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How America's Wars Fund Inequality at Home


#1

How America's Wars Fund Inequality at Home

Stephanie Savell

In the name of the fight against terrorism, the United States is currently waging “credit-card wars” in Afghanistan, Iraq, Syria, and elsewhere. Never before has this country relied so heavily on deficit spending to pay for its conflicts. The consequences are expected to be ruinous for the long-term fiscal health of the U.S., but they go far beyond the economic. Massive levels of war-related debt will have lasting repercussions of all sorts.


#2

Unlike “domestic” program funding that requires endless analysis and debate, miiltary industrial media infotainment complex (MIMIC) taxpayer funded corporate welfare is carte blanche and often done “off budget”.


#3

This is one of the most important pieces that CD has run in a long time. It clearly explains how it is mathematically impossible to have anything but austerity domestically while pursuing a Permanent War Against Humanity. If “progressives” continue to ignore this reality, they continue to remain irrelevant.

Clearly, Alexandria Ocasio-Cortez gets this fundamental political-economic relationship as she describes in this interview with Jeremy Scahill. And again, I publicly acknowledge that I missed this earlier on. IMO, she’s the real thing.


#4

And a critical mass (probably majority) of the population always buys in because we must “support our troops.”


#5

I have always been repulsed by the “support our troops” propaganda and I have never forgotten the Viet Nam era mantra: “what if they had a war and nobody showed up?”

Buffy Sainte-Marie’s 1965 UNIVERSAL SOLDIER lyrics said it all.


#6

Nice analysis.

There are elements that could be added. They are likely omitted because they are difficult to document in the careful way that Savell has laid this out. And they do not in any way contradict her point.

War does not oppress poor and middle class people in the United States only because it drains funds and creates enormous debt, but also because it directly damages all sorts of support systems at home and abroad, though not equally, and because it consolidates power in the hands of people broken and blind enough to kill for money.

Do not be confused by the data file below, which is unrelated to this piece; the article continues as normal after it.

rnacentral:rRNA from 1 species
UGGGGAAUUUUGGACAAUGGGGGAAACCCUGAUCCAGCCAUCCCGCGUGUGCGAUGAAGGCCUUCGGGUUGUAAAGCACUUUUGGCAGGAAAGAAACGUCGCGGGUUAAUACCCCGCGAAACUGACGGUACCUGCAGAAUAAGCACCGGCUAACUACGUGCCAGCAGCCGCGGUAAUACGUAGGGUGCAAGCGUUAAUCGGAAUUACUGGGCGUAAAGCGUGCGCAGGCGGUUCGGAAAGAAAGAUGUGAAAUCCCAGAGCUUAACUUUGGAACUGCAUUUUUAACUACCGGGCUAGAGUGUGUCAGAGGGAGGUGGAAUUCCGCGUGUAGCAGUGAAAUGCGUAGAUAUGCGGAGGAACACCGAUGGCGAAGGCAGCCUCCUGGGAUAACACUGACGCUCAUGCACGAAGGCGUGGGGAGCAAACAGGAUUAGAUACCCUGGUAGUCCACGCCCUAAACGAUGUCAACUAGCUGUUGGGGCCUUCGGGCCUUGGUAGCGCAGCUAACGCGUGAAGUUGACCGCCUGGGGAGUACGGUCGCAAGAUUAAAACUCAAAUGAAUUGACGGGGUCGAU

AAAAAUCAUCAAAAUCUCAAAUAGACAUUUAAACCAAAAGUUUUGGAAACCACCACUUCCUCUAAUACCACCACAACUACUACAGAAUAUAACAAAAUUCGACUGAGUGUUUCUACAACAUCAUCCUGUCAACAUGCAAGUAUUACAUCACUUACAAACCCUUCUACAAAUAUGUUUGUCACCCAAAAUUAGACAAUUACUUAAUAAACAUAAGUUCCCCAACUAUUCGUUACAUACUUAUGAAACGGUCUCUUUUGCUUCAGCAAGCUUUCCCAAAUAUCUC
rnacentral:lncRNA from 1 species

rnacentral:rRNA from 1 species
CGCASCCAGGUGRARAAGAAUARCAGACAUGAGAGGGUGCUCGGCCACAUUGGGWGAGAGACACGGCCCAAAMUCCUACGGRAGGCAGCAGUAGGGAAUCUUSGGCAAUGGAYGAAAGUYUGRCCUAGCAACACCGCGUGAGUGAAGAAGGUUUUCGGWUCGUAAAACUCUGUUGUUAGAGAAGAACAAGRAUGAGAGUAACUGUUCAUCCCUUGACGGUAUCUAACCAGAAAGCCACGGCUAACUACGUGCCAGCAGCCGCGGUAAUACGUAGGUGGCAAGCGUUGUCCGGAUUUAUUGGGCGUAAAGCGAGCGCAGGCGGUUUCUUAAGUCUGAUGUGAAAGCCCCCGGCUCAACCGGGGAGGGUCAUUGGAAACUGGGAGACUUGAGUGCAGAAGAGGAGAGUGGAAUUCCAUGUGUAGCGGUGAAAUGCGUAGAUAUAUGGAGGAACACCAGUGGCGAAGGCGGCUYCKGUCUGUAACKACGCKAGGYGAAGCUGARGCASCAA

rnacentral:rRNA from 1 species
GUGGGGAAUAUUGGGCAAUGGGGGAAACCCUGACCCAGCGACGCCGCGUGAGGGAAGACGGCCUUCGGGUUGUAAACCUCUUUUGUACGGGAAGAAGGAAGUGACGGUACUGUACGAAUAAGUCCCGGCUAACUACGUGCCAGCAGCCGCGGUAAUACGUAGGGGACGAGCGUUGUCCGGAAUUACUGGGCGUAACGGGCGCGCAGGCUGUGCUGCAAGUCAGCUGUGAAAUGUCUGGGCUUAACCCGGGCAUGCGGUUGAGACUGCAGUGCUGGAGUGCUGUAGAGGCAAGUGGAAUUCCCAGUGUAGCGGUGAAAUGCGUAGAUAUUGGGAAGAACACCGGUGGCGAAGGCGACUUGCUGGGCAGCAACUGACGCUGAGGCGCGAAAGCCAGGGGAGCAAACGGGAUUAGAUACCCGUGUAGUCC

These are not simply the arms brokers, though of course that is one contingent. charge enormous prices

Let us recall first the basic business model of the CIA as has now emerged in the occasional scandal over the last decades and that has been laid out in depth by Douglas Valentine, among others.

The CIA exchanges favors with “operatives” inside of various countries, principally the United States, to penetrate mostly bureaucratic organizations to get information and retain control over actions and policies.

A well documented example that attracted a lot of journalistic attention before it was brushed under the rug was the 1980s’ Contragate, in which .a team including Oliver North ran arms and drugs to pay mercenaries who bombed schools and mined harbors in Sandinista Nicaragua, where a successful revolution had ousted a US-friendly dictator.

Of course the prices of the drugs in question was kept artificially high because US “law enforcement” systematically suppressed competition while particular favored traders were green-lighted to pass by a network of bribes and intelligence penetration of American customs, immigration, and law enforcement agencies. These agencies are laced into what amounts to a grand protection racket, largely without the knowledge of individual operators.